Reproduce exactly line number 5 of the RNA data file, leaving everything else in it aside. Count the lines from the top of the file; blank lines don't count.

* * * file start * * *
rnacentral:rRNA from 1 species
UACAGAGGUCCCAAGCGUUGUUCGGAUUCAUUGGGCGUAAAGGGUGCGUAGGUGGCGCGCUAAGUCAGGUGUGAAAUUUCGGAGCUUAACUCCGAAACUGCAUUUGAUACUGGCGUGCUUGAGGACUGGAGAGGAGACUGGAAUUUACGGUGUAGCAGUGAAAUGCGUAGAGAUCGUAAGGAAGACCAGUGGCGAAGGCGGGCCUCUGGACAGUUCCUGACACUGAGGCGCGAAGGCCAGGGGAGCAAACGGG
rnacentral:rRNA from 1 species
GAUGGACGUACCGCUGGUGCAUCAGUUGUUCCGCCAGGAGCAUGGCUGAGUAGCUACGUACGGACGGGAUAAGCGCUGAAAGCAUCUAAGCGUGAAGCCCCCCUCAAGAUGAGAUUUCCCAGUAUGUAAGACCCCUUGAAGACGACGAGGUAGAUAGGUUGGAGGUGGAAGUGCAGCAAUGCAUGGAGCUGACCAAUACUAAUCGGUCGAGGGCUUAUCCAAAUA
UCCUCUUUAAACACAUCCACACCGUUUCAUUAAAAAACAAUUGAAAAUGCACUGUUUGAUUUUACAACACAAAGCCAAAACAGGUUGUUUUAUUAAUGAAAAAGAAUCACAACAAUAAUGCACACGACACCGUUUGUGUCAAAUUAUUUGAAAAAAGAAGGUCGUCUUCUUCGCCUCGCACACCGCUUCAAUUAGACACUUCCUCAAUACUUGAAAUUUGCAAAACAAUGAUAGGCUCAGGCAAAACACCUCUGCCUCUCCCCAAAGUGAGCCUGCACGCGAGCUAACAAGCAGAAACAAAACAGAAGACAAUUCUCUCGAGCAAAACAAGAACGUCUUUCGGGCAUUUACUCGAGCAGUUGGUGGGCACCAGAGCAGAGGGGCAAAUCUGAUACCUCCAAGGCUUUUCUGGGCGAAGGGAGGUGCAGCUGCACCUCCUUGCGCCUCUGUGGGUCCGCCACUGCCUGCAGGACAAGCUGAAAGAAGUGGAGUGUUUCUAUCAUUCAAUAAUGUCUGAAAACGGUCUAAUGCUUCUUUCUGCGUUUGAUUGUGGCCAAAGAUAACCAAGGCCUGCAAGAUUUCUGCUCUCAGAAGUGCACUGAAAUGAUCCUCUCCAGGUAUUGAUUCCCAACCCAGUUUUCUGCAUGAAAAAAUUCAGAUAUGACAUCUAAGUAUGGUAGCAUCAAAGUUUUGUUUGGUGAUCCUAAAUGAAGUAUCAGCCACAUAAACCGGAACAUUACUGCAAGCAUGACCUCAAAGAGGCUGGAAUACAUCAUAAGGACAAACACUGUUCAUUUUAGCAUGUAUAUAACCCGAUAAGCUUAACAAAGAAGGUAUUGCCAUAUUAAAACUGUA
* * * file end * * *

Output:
UCCUCUUUAAACACAUCCACACCGUUUCAUUAAAAAACAAUUGAAAAUGCACUGUUUGAUUUUACAACACAAAGCCAAAACAGGUUGUUUUAUUAAUGAAAAAGAAUCACAACAAUAAUGCACACGACACCGUUUGUGUCAAAUUAUUUGAAAAAAGAAGGUCGUCUUCUUCGCCUCGCACACCGCUUCAAUUAGACACUUCCUCAAUACUUGAAAUUUGCAAAACAAUGAUAGGCUCAGGCAAAACACCUCUGCCUCUCCCCAAAGUGAGCCUGCACGCGAGCUAACAAGCAGAAACAAAACAGAAGACAAUUCUCUCGAGCAAAACAAGAACGUCUUUCGGGCAUUUACUCGAGCAGUUGGUGGGCACCAGAGCAGAGGGGCAAAUCUGAUACCUCCAAGGCUUUUCUGGGCGAAGGGAGGUGCAGCUGCACCUCCUUGCGCCUCUGUGGGUCCGCCACUGCCUGCAGGACAAGCUGAAAGAAGUGGAGUGUUUCUAUCAUUCAAUAAUGUCUGAAAACGGUCUAAUGCUUCUUUCUGCGUUUGAUUGUGGCCAAAGAUAACCAAGGCCUGCAAGAUUUCUGCUCUCAGAAGUGCACUGAAAUGAUCCUCUCCAGGUAUUGAUUCCCAACCCAGUUUUCUGCAUGAAAAAAUUCAGAUAUGACAUCUAAGUAUGGUAGCAUCAAAGUUUUGUUUGGUGAUCCUAAAUGAAGUAUCAGCCACAUAAACCGGAACAUUACUGCAAGCAUGACCUCAAAGAGGCUGGAAUACAUCAUAAGGACAAACACUGUUCAUUUUAGCAUGUAUAUAACCCGAUAAGCUUAACAAAGAAGGUAUUGCCAUAUUAAAACUGUA